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With Just Hours Until Spain’s Ultimatum Runs Out, Catalonia Proposes Its Own Central Bank

With Just Hours Until Spain’s Ultimatum Runs Out, Catalonia Proposes Its Own Central Bank

It’s D-Day for Catalan President Carles Puigdemont who has just a few hours left until 10 am on Monday (4am ET) to respond to the Spanish government’s ultimatum delivered last week by the prime minister, demanding to know whether Puigdemont did, indeed, declare independence last week. If Puigdemont says yes, fails to respond, or provides another meandering answer, Rajoy will start the process under Article 155 to seize control of the breakaway administration in the coming weeks.

While Catalan television station TV3, which is controlled by the regional government, said Puigdemont will not give Rajoy a clear ‘Yes’ or ‘No’ according to Bloomberg, shortly after Jordi Sanchez, leader of separatist group Catalan National Assembly, denied the report and said that, after speaking to Puigdemont on Sunday, the Catalan reply to Rajoy “will be clear.” Speaking to Spanish broadcaster La Sexta, Sanchez said he agrees 100% with Puigdemont’s reply to Spanish Prime Minister Mariano Rajoy, and that the response will be dignified and clear with no surprises, adding that a will for dialogue exists but the Catalan government will not renounce mandate given by the Oct. 1 independence referendum.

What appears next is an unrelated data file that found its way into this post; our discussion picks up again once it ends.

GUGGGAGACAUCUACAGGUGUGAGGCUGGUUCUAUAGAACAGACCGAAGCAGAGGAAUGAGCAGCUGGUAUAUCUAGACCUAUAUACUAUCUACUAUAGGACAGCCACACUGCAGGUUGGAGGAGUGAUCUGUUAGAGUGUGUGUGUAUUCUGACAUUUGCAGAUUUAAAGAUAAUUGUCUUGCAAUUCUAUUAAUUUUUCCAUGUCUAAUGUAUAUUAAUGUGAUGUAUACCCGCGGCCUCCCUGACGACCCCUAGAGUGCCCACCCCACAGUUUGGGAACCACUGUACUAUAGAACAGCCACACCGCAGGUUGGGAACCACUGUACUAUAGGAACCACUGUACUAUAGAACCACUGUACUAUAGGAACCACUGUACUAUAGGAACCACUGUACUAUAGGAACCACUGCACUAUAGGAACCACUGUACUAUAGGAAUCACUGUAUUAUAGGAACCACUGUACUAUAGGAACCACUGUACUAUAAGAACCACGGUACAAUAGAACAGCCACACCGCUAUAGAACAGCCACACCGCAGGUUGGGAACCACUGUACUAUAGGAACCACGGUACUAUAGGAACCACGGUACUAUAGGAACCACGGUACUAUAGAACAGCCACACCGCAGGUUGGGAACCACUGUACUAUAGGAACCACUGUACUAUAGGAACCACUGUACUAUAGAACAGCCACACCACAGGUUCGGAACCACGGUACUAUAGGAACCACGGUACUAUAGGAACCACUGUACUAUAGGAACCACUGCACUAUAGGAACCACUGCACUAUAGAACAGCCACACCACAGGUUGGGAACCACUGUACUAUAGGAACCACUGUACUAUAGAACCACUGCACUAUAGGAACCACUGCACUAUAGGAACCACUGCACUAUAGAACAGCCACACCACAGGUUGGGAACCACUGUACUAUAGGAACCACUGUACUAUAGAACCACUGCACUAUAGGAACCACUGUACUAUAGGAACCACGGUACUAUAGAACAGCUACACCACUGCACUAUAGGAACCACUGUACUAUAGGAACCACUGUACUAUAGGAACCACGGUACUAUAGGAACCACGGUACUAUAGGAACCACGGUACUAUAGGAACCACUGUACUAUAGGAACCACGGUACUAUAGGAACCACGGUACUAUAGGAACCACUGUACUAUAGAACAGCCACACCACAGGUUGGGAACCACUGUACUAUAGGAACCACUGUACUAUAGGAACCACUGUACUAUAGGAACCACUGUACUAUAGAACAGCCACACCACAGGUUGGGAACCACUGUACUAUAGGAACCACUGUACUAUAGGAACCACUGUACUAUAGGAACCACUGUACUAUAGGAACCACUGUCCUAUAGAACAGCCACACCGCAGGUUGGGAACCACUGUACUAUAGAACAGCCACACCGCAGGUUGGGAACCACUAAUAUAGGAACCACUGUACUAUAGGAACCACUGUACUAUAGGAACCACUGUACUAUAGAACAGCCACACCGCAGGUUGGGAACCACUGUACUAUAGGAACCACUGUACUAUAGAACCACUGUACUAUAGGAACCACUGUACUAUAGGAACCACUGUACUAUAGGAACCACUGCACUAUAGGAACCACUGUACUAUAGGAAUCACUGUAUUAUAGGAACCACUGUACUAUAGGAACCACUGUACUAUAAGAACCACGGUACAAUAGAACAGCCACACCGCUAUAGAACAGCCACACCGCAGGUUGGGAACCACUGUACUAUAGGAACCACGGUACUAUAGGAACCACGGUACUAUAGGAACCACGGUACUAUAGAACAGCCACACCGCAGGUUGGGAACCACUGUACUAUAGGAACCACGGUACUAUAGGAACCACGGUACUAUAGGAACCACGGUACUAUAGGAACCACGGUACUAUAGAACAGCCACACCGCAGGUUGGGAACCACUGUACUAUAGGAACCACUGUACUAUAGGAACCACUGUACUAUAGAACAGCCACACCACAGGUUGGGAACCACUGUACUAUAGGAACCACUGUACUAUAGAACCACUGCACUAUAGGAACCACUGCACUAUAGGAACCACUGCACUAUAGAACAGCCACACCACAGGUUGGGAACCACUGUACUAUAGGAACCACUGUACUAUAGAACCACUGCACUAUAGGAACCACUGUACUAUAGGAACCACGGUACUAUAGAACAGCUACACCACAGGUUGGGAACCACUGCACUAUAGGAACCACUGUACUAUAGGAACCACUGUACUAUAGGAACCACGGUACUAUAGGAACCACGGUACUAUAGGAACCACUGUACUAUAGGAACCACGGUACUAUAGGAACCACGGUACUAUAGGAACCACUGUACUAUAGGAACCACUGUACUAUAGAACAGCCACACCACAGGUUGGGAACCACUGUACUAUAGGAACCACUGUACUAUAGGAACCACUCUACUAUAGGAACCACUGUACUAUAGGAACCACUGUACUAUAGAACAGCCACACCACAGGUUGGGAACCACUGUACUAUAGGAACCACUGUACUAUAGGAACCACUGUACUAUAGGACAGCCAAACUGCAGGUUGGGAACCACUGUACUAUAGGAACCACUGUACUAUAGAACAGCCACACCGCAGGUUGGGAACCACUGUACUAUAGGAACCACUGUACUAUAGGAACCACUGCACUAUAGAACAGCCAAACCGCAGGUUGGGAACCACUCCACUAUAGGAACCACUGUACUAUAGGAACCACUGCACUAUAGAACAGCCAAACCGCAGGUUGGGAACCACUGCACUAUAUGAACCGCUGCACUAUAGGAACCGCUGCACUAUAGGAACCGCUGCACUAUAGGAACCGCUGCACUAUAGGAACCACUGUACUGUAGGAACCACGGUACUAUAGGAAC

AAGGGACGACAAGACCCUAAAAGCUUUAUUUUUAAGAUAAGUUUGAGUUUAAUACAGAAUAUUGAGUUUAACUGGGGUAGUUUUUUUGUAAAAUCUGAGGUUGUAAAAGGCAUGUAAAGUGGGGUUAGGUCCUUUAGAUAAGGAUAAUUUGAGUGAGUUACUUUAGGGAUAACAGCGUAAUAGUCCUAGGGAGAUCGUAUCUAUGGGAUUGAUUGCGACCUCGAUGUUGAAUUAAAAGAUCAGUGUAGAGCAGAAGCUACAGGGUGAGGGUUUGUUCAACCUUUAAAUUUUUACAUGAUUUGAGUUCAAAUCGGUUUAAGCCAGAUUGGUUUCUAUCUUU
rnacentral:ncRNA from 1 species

Meanwhile, El Mundo reported that Spain’s central government in Madrid is weighing two options it may impose on Catalonia if the region’s government unequivocally declares independence, El Mundo reported, without saying where it got the information. Madrid would either name a caretaker administration or a unity government made up of representatives of all parties, the newspaper said per Bloomberg. Regional elections would then be called in three to six months, according to the report. It adds that while Replacing the rebel government would require the state using special powers under Article 155 of the Spanish Constitution. that action is not imminent, and may not be taken if the Catalan government demonstrates it hasn’t broken away from Spain and instead will abide by Spanish law.

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